I have to admit that James 4:13-15 jumped out today. If ever there were a time when all of our plans have changed it is this one.

Finally, James 5:16-18 remind us to confess our sins and pray. The effective, fervent prayer of a righteous man avails much (5:16).  Let’s pray today against the spread of this virus, against fear, and for our communities.

FATHER, Help us to count it all joy in the midst of these trials. We ask for wisdom and discernment in making day to day choices. I ask that you would guide our steps and direct our path. We confess that we cannot predict the future and make certain our plans. Show us how to love our neighbors in the midst of crisis. We ask for you to spare our communities from the spread of this virus. IN JESUS NAME, AMEN.

A Little Extra: Have you ever considered that sometimes what we call wisdom may end up being demonic (3:5)?  Not that I’m saying God is against smarts… Just the opposite, we are to have a renewed mind. But that sometimes the lines we sell ourselves are actually just lies from the pit of Hell. Like when someone says that they’d be happier if they were divorced and were back on the dating scene… not Godly wisdom!!! That’s a lie meant to wreck you.

A little dope won’t make you feel better in the long run. Alcohol doesn’t really numb the emotional pain, sir, your getting drunk maybe what is causing all the pain (for you and for others). And a little slice of chocolate cake for dessert with enough frequency will kill you just as dead as those cigarettes will.

Worldly wisdom, demonic wisdom is persuasive, but it isn’t really wisdom. It’s a lie dressed up as the truth and sold in the package of “looking out for number one,” or “it will make me “feel” better.” Don’t buy it. Get your wisdom from God… Submit to God, Resist the Devil… and He will flee from you.

What did you take away from today’s reading? What are your thoughts or questions? Feel free to comment below and enter the discussion.

Find out about New Testament 90 – Here

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It’s not about counting people as much as realizing that people counted (Nehemiah 7)

It’s not about counting people as much as realizing that people counted (Nehemiah 7)

I get what it’s like to be exhausted as a leader, but a leader must never forget the people he is leading. I once had a leader tell me that, “I don’t have time to train you and all these other people.” It was the moment he forfeited his leadership. To be sure, he was still a leader and he still had my respect, but he had forfeited the very point of leadership… moving people.  We all lose focus sometimes.  The temptation of leadership is to consider our path and place as greater than the people we lead. The reality is that we cannot be leaders if people are not willing to follow. It serves us well to remember that those who follow in the darkest of times all have their own stories of calling and sacrifice.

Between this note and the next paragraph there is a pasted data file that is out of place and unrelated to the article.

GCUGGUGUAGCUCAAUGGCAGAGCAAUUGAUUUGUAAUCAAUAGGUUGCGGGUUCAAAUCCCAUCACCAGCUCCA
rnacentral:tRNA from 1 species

One of the biggest challenges of leadership is remembering all the people who have helped along the way. Nehemiah takes a moment to review the record and note in his account that the people who built the wall and staffed the city had names. At first glance Nehemiah chapter 7 looks like just a long list of names and numbers, but names reflect something more than just another number to be counted… these are people counted.

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Each person listed had a story to tell about their family, their life, and why they felt called back to Jerusalem and Judah. Each person listed had a choice to make on whether to stay where they were or to travel back to their homeland. Each person made sacrifices; I’m sure both financial and social in order to fulfill their calling. Which brings up an interesting point, Nehemiah couldn’t have rebuilt the wall alone, God had called THESE people, back to His city, at this time, to accomplish the task of rebuilding the wall! So while the whole book may not be named after them and while they certainly didn’t write it with their pen, their names still show up because they did help write the story with their lives and a great leader never forgets that his life story is tied to hundreds if not thousands of other life stories.

If you are a leader it may or may not come naturally to you to think about all the people along the way that you lead but if not, take a moment today and write a few thank you notes, send out a few text messages, write down the names of the people who have sacrificed along the way and pray over them. Take time to make sure that the people you lead count for more than just names than on a roll that add up to numbers.

Why Church People Are Sometimes Messy

Proverbs 14:4 ESV Where there are no oxen, the manger is clean, but abundant crops come by the strength of the ox.